Home » NEWS » Education » SELENA SWARTZFAGER — Learning economics in a worldly classroom

SELENA SWARTZFAGER — Learning economics in a worldly classroom

Clinton High School, playing the role of Denmark, won of the recent International Economic Summit, sponsored by the Mississippi Economic Educational Council..

Clinton High School, playing the role of Denmark, won of the recent International Economic Summit, sponsored by the Mississippi Economic Educational Council..

By Selena Swatrzfager

Welcos, Devcos, Lescos … oh my!

I recently had the opportunity to meet trade ambassadors from South America, Africa and Asia.  They came from countries such as Brazil, Ghana and Laos.

These ambassadors had the responsibility of importing and exporting goods and services for their countries.

While negotiating with ambassadors from other countries, they were also investing in longterm capital projects, giving and receiving foreign aid, and paying tariffs on goods and services bought from countries outside of their trade alliance.

While I observed these ambassadors during their negotiations, I was in awe of how they knew exactly how many exports they had to trade and how many imports they needed to meet the demand of the people in their country.  The research this must have required!

In speaking with the ambassadors from Morocco, I learned they needed to import four units of food products.

Unfortunately, there was a worldwide shortage of food products which required them to trade four units of tourism plus one unit of raw materials plus one unit of financial services in exchange for four units of food products.

What will surprise you the most is that I observed all of this taking place right here in Mississippi.

And you know what else?

These trade ambassadors were actually middle and high school students participating in the Mississippi Council on Economic Education’s International Economic Summit.

This annual event draws more than 250 students to Mississippi College where they have the opportunity to practice what they have learned in their classrooms.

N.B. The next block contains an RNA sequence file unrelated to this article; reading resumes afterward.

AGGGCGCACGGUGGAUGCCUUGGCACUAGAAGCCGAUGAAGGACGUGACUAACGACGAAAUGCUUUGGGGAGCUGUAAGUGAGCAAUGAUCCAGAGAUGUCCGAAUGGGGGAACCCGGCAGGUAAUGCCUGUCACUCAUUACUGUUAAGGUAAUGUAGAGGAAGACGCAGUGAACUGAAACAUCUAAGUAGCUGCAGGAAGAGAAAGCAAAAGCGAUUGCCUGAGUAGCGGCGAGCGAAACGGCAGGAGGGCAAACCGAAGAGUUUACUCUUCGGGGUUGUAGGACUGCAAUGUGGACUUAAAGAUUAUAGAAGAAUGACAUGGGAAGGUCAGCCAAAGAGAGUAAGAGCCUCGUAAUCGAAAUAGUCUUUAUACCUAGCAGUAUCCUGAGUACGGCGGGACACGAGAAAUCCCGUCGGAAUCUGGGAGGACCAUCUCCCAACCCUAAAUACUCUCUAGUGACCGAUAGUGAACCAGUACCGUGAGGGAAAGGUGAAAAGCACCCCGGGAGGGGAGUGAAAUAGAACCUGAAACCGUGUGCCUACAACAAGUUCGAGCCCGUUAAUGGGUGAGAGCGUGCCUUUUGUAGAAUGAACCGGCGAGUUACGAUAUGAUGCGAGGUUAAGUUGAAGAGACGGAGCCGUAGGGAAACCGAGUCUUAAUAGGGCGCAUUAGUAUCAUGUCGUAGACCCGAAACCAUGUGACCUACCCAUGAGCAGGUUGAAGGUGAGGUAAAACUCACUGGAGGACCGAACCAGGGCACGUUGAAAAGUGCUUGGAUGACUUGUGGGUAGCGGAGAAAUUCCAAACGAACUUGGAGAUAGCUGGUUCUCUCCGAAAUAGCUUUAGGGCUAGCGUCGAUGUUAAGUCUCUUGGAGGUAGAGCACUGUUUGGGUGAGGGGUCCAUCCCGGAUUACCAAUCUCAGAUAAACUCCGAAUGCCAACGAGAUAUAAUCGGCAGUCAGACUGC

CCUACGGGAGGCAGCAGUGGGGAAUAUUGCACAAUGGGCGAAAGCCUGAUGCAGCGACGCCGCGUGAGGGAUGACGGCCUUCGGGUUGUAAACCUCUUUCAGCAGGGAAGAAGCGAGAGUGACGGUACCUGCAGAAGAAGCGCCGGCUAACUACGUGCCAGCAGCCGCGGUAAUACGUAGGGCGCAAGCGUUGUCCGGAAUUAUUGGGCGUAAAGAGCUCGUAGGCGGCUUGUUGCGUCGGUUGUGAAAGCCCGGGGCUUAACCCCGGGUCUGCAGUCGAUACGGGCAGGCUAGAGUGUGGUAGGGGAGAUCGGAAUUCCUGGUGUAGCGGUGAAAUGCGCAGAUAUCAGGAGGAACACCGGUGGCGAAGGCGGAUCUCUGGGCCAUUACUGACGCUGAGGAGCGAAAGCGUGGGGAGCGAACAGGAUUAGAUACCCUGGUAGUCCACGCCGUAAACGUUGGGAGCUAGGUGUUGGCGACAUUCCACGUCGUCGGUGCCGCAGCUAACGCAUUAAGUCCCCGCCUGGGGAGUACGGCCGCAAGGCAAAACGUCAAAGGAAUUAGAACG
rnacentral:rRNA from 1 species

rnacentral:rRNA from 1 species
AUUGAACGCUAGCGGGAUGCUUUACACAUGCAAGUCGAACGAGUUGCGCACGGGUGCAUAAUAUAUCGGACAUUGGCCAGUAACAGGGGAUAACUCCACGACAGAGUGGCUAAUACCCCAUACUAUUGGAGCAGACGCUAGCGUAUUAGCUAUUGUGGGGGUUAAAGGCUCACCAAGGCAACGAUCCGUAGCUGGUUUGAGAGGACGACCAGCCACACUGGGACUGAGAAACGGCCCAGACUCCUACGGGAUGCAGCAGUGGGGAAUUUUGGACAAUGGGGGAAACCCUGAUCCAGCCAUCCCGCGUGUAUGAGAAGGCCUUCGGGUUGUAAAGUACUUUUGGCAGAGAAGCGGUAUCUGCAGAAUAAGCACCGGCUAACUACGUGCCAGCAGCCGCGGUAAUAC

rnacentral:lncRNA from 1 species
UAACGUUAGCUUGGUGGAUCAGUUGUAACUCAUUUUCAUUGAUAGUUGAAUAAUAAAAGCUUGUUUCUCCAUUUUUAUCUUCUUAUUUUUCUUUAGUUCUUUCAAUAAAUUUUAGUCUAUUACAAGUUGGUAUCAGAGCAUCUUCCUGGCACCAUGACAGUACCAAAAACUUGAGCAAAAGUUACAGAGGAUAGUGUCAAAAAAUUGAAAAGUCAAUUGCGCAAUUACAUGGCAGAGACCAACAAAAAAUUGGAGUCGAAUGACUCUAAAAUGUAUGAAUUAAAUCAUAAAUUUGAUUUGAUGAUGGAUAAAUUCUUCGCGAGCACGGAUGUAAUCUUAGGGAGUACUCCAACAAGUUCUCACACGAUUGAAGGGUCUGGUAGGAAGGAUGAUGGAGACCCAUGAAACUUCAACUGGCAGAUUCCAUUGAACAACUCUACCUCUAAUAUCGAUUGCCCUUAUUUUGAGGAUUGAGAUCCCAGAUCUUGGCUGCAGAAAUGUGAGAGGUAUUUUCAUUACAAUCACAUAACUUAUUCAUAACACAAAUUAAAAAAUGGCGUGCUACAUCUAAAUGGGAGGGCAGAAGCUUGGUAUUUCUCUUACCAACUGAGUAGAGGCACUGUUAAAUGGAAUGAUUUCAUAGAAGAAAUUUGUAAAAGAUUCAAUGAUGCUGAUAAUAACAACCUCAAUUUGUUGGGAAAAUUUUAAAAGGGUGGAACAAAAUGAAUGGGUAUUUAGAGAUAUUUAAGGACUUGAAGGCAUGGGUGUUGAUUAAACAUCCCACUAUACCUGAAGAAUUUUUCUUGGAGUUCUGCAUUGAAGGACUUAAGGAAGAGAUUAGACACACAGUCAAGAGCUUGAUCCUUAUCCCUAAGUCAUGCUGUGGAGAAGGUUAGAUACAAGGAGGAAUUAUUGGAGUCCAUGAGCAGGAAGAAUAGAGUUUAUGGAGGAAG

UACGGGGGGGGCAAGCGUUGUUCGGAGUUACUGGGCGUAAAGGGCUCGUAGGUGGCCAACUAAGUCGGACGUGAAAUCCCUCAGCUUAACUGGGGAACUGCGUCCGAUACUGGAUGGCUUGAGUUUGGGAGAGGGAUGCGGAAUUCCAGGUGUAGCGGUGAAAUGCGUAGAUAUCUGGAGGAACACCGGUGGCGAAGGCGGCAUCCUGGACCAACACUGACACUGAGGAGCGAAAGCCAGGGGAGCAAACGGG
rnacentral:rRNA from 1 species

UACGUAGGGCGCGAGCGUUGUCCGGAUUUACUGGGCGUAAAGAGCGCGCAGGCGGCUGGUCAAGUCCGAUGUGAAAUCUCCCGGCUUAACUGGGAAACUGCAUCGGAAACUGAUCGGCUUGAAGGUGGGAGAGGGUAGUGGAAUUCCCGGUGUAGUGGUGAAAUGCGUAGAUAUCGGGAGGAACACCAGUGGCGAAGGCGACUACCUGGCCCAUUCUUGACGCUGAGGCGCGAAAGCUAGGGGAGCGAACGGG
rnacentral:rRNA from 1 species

MCEE provides two-day training to middle and high school teachers each summer so that they have the knowledge and curriculum to teach this complex subject to their students.

They leave the training and head back to their classrooms equipped to create classrooms of trade ambassadors.

The curriculum is in-depth, engaging, hands-on, real world and challenging.  The program engages students with their left and right brains via research, debate, creativity and critical thinking.

Currency conversion is necessary as high income countries use “Welcos,” middle income countries use “Devcos,” and low income countries such as Morocco use “Lescos.”

Dr. Becky Smith, economist and faculty member at Mississippi State University, says that a high school economics teacher can use this program to teach everything our students are required to know about economics.

She reminds me repeatedly that in high school economics we should be educating our students to “do what economists do.”  She continues to enlighten me as I work to guide MCEE in the direction where economics is fun and cool.

As a result of participation in the Mississippi Summit, several students from the Delta and southwest regions of our state have the opportunity to participate in a summit taking place in China this July.

They are currently working to raise half the funds this experience will cost with a commitment from a funder to pay the remainder of the expenses.

Tell me that this wouldn’t be life changing for these young people who are served by a program that is working to ensure they attend college.

Contact me if you would like to help them pursue this experience.

The next teacher training, which is required before a teacher can enroll his or her students to participate, will take place in June at Millsaps College.

Businesses wishing to sponsor a teacher for this training can do so for $500.

Student teams will come together again in December and need sponsors for the $100 team fees.

For more information you can contact MCEE at 601-974-1325 or mscee@millsaps.edu.

BEFORE YOU GO…

… we’d like to ask for your support. More people are reading the Mississippi Business Journal than ever before, but advertising revenues for all conventional media are falling fast. Unlike many, we do not use a pay wall, because we want to continue providing Mississippi’s most comprehensive business news each and every day. But that takes time, money and hard work. We do it because it is important to us … and equally important to you, if you value the flow of trustworthy news and information which have always kept America strong and free for more than 200 years.

If those who read our content will help fund it, we can continue to bring you the very best in news and information. Please consider joining us as a valued member, or if you prefer, make a one-time contribution.

Click for more info

About For the MBJ

One comment

  1. joneal4@gmail.com

    Every citizen of planet earth should understand as much about economics as possible. Without it, you cannot do anything, either for yourself, your family, your profession (or employer, or company or whatever), or the place you live (earth, in case some rethugs do not acknowledge that). Economics is even important for spiritual life: we have to know what “value” is or our existence has been for naught.

    Economics is not a science. Economics is social science, like sociology. It is always in flux, never mathematically provable (Einstein’s theory of relativity, which ultimately brought us nuclear energy and nuclear weapons, is provable). Economics is closer to philosophy than to science.

    Get with the program. Humans have very limited cognitive ability, but this is one thing we can’t afford to ignore.

Leave a Reply